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Savings levels rise despite poor returns

Savings levels rise despite poor returns

Category: Savings

Updated: 24/05/2013
First Published: 24/05/2013

This article was correct at the time of publication. It is now over 6 months old so the content may be out of date.

Concerned consumers are not being deterred by the paucity of savings rates currently on offer and are saving more than they were a year ago, new data from the high street's banks has revealed.

According to the British Bankers' Association (BBA), personal deposits rose by 5.5% over the year to April, even though interest rates on most accounts remain historically low.

At the same time, demand for credit has slowed as consumers rein in their spending, with the outstanding level of unsecured borrowing contracting by 1.3% over the last year.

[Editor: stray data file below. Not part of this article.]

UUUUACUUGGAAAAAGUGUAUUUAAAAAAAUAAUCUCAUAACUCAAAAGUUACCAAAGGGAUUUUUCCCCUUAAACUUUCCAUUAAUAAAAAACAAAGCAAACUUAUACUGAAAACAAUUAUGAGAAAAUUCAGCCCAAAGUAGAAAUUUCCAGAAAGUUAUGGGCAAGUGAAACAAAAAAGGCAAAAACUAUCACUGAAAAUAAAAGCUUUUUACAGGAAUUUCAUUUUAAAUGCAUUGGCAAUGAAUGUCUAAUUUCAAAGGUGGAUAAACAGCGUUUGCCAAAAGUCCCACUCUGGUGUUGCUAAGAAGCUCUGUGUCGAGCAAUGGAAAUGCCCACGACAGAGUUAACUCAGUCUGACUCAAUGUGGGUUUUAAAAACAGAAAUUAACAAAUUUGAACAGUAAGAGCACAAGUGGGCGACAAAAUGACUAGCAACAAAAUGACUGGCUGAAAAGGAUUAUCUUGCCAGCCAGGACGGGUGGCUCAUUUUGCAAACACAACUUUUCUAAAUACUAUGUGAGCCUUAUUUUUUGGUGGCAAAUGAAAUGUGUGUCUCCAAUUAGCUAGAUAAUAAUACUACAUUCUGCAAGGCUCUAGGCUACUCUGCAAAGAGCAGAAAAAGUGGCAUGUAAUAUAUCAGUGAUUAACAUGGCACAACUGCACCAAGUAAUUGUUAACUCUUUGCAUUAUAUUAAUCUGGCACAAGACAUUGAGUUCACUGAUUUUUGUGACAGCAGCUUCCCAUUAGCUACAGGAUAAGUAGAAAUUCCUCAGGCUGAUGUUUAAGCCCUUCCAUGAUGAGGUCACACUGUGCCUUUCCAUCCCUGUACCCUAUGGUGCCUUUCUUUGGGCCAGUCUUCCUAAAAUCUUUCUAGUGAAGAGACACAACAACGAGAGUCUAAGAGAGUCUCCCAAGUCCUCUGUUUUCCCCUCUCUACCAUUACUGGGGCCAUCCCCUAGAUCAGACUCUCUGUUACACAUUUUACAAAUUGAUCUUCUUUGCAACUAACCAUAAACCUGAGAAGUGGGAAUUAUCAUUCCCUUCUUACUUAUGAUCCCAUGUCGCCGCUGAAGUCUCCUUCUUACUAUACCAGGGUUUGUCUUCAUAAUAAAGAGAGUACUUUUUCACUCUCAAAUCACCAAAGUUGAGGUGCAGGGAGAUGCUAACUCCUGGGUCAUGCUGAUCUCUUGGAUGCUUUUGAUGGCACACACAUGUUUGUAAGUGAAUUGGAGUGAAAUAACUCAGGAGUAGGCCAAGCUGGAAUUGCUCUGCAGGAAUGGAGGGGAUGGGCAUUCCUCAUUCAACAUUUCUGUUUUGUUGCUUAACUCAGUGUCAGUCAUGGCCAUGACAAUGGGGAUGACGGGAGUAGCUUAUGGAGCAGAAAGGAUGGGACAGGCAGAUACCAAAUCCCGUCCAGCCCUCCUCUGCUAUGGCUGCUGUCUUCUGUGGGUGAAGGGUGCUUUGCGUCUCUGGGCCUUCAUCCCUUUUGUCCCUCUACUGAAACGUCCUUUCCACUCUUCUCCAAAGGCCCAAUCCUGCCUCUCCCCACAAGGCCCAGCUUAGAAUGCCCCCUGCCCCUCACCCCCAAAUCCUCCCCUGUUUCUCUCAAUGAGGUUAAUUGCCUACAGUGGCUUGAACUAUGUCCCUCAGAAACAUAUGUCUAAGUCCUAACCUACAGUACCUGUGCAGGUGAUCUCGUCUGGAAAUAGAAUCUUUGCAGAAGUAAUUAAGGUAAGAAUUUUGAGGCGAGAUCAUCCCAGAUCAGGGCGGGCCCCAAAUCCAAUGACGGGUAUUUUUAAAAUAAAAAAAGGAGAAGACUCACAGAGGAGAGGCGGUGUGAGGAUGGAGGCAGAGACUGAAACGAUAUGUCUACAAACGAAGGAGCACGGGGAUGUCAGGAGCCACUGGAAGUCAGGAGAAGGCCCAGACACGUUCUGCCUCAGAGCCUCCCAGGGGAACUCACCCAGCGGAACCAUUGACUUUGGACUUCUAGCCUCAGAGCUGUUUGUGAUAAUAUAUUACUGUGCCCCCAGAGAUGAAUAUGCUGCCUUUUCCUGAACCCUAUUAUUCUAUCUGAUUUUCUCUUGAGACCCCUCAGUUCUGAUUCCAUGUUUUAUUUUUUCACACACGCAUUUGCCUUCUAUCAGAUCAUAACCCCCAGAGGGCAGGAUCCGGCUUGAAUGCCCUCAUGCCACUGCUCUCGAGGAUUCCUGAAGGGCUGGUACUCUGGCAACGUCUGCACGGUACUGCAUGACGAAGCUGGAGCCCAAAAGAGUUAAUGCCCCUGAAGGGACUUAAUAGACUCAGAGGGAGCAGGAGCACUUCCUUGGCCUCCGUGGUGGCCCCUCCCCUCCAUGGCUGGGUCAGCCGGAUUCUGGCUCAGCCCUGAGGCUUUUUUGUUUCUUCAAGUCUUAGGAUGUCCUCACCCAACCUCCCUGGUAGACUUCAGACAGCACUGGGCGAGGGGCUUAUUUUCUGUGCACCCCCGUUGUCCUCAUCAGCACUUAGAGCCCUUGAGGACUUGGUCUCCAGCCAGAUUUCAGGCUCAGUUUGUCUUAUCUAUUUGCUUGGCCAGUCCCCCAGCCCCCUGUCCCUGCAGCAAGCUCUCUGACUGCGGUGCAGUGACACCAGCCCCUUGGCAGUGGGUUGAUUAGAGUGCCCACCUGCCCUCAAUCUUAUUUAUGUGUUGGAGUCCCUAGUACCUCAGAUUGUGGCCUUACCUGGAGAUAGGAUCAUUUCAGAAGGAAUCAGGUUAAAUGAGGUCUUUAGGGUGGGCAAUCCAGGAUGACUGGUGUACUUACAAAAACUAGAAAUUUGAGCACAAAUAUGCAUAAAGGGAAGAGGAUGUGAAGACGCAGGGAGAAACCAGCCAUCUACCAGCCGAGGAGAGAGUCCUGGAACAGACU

Although there was annual growth in credit card borrowing of 5.8%, this was masked by a 6.7% contraction in personal loans and overdrafts.

"Low consumer confidence is depressing demand for new borrowing and consumers are continuing to save, with deposits rising by 5.5% over the year to April," said David Dooks, BBA statistics director.

Following the latest inflation announcement, revealed only one 'non-ISA' savings account offers a rate that negates the impact of basic tax and inflation, while just six cash ISAs can beat inflation.

"The pound in the savings account is still being savaged by stagnant returns and above-target inflation," said Sylvia Waycot, Editor at

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